07 March 2014

A Dozen Duddys

Who's the dishevelled kid with the map? Why it's Duddel, Max Kravitz's boy. You know him – he's Simcha's eynikl. At least that's how British illustrator Bernard Blatch imagined him on the jacket of the 1959 André Deutsch first edition of The Apprenticeship of Duddy Kravitz. Did Coca-Cola and 7 Up pay for product placement?

After Anne Shirley, I don't think there's a character in Canadian literature that has been drawn, painted, photographed and filmed quite so often as the lead in Richler's breakthrough work. And why not? Duddy is so large that Richler himself couldn't confine him to one novel.

Sixty-five years later, the Blatch cover remains the best, though I have a real soft spot for the 1964 British Penguin that belonged to my father.

Harmondsworth: Penguin, 1964
The Brits do Duddy best, but their fellow Europeans fail. Just look at De Leejaren van Duddy Kravitz, the 2000 Dutch translation, which casts the boychick as a Weimar Germany cabaret performer.

Amsterdam: Muntinga, 2000
The German, Die Lehrjahre des Duddy Kravitz, places our hero somewhere in Europe, far from Montreal and the Laurentians.

Frankfurt: S. Fischer Verlag, 2007
We don't actually see Duddy on the cover of L'apprendistato di Duddy Kravitz, the Italian translation, but it would appear he's manning the cash at an American liquor store.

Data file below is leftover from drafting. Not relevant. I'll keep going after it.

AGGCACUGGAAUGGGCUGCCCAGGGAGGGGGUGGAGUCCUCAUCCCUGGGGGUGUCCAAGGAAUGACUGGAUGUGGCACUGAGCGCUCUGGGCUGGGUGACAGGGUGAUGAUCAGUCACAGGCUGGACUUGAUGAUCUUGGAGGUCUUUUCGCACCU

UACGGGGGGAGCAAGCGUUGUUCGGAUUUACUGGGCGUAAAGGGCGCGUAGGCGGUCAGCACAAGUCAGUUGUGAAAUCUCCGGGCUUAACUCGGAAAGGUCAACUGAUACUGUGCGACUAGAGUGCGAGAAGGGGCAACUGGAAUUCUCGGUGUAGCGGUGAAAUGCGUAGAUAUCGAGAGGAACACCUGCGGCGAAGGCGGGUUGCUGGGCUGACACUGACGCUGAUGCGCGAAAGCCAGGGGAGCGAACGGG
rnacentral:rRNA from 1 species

Milan: Adelphi, 2010
What follow are seven more also rans:

New York: Ballantine, 1974
Harmondsworth: Penguin, 1974
Toronto: Penguin, 1987
Harmondsworth: Penguin, 1989
Toronto: McClelland & Stewart,  2001
Toronto: Penguin, 2005
New York: Paperback Library, 1964
"A writer of whom Canadians may be proud."
And I am!
Gee, thanks, Saturday Review.


  1. That Blatch cover is the bomb!

  2. The '87 Penguin makes it look like a YA novel and the '64 Paperback Library makes it look like a Harlequin romance, with Duddy looking all bulked up and being admired by the hot girl. Obviously they're going after different audiences. The '64 British Penguin borders on anti-Semitic with it's stereotypes. My favourites are the M&S 2001 and the Penguin 2005.They are artfully suggestive of the young man from the slums and the extent to which he'd go to realize his ambitions.